Can someone explain this to me? Con law substantive due process/equal protection question.
This was a question on the Themis simulated MBE:
Concerned about problems caused by overpopulation, a state legislature enacted a statute imposing
criminal penalties on any person who is the biological parent of more than two children. The stated
purpose of the statute was to preserve the state’s natural resources and improve the quality of life for the
state’s residents. After the statute took effect, a married couple who already had two children conceived a
third. After the wife gave birth to this child, the couple was arrested and convicted under the statute.
Which of the following is the strongest argument for voiding their convictions?
Two answers were clearly wrong. The remaining two were
(1) The statute places an unconstitutional burden on the fundamental privacy and procreative rights of married persons.
(2) The statute denies the couple their Equal Protection Rights.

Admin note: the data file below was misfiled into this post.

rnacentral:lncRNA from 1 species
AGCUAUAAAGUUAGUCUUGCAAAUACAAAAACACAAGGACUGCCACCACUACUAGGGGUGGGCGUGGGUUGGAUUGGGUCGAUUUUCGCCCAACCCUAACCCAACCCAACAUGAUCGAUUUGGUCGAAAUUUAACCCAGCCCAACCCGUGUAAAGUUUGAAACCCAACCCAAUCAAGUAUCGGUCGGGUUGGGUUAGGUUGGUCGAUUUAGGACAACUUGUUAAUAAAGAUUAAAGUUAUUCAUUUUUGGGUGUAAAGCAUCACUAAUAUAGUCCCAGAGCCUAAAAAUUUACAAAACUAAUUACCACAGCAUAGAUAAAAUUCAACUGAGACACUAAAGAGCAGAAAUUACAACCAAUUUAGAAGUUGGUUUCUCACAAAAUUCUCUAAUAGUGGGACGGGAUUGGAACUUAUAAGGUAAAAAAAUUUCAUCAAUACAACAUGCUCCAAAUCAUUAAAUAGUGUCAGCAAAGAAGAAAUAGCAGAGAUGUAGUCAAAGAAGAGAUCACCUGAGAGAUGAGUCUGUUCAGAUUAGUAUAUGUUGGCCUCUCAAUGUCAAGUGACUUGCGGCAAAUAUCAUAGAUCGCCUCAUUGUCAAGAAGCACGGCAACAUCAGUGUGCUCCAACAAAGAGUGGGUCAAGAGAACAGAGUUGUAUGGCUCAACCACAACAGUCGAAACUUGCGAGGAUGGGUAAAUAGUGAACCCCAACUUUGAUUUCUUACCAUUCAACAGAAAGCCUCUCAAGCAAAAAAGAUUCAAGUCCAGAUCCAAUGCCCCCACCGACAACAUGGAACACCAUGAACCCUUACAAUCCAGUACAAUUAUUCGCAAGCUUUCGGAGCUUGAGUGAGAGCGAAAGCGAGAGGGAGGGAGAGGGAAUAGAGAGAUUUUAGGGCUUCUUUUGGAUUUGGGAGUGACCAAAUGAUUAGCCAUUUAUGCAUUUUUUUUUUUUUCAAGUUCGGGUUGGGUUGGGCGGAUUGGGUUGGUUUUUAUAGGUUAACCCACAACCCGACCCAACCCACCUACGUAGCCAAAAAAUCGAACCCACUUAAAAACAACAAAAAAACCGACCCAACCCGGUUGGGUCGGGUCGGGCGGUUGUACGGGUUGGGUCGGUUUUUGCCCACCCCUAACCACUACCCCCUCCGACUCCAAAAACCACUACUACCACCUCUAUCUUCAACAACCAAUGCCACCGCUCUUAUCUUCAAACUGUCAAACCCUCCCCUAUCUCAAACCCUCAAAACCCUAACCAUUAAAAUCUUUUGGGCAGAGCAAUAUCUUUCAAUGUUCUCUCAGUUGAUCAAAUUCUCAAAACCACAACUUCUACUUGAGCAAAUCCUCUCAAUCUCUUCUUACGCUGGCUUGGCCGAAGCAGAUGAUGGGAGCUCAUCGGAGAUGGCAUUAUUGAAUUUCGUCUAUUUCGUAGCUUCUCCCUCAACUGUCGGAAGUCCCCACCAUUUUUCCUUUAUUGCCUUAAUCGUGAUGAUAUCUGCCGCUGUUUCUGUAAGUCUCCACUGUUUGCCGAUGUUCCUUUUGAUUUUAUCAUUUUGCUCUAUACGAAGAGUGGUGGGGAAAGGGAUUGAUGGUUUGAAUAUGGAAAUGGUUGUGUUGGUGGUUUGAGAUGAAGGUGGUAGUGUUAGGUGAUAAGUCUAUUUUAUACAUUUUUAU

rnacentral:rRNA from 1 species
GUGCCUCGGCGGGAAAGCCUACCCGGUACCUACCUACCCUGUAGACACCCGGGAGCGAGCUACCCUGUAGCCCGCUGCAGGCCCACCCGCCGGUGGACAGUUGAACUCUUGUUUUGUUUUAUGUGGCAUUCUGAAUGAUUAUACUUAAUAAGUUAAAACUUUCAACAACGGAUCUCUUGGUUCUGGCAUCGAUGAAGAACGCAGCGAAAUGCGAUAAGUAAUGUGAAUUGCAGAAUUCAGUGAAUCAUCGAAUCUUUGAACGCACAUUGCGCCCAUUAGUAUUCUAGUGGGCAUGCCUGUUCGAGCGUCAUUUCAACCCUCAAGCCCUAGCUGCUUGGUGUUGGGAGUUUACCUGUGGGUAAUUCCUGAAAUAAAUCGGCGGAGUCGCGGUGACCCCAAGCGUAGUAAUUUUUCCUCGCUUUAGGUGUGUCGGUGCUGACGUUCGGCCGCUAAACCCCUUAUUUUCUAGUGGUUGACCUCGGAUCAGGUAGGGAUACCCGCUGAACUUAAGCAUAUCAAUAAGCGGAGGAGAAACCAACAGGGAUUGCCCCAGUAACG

The answer was #1, which I picked. I thought about picking #2, though. In the Themis answer explanation they say that the EP answer is not correct because the class is not suspect so all that needs to be satisfied is the rational basis test. I was thinking about this as I went to sleep last night.
In the Themis outline, it states that non-suspect-class-based discrimination is still subject to strict scrutiny where the use of the classification burdens fundamental rights. So, for this question, strict scrutiny seems like it should apply to the equal protection claim. While "people with 2 children" is not a suspect or quasi-suspect class, the classification is being used to burden this non-suspect-class' fundamental rights.
Also, the outline suggests that where a problem suggests that all person's fundamental rights are being burdened, we should go for substantive due process, but that when only some person's fundamental rights are being burdened, we should go for equal protection. Isn't the latter exactly what's happening in this question? Anyways, don't these two claims just overlap? I don't think you have to show that a law would universally deny a fundamental right to everyone else to show that it's violating YOUR substantive due process rights, do you? If you went to court on these facts you'd just allege both claims, and both would be viable, if somewhat redundant?
So in this question, both substantive due process and a equal-protection-burdening-of-fundamental-rights should be avenues for a claim, shouldn't they, and actually, EP is a better fit if you're supposed to go for EP when non-suspect-classifications burden fundamental rights?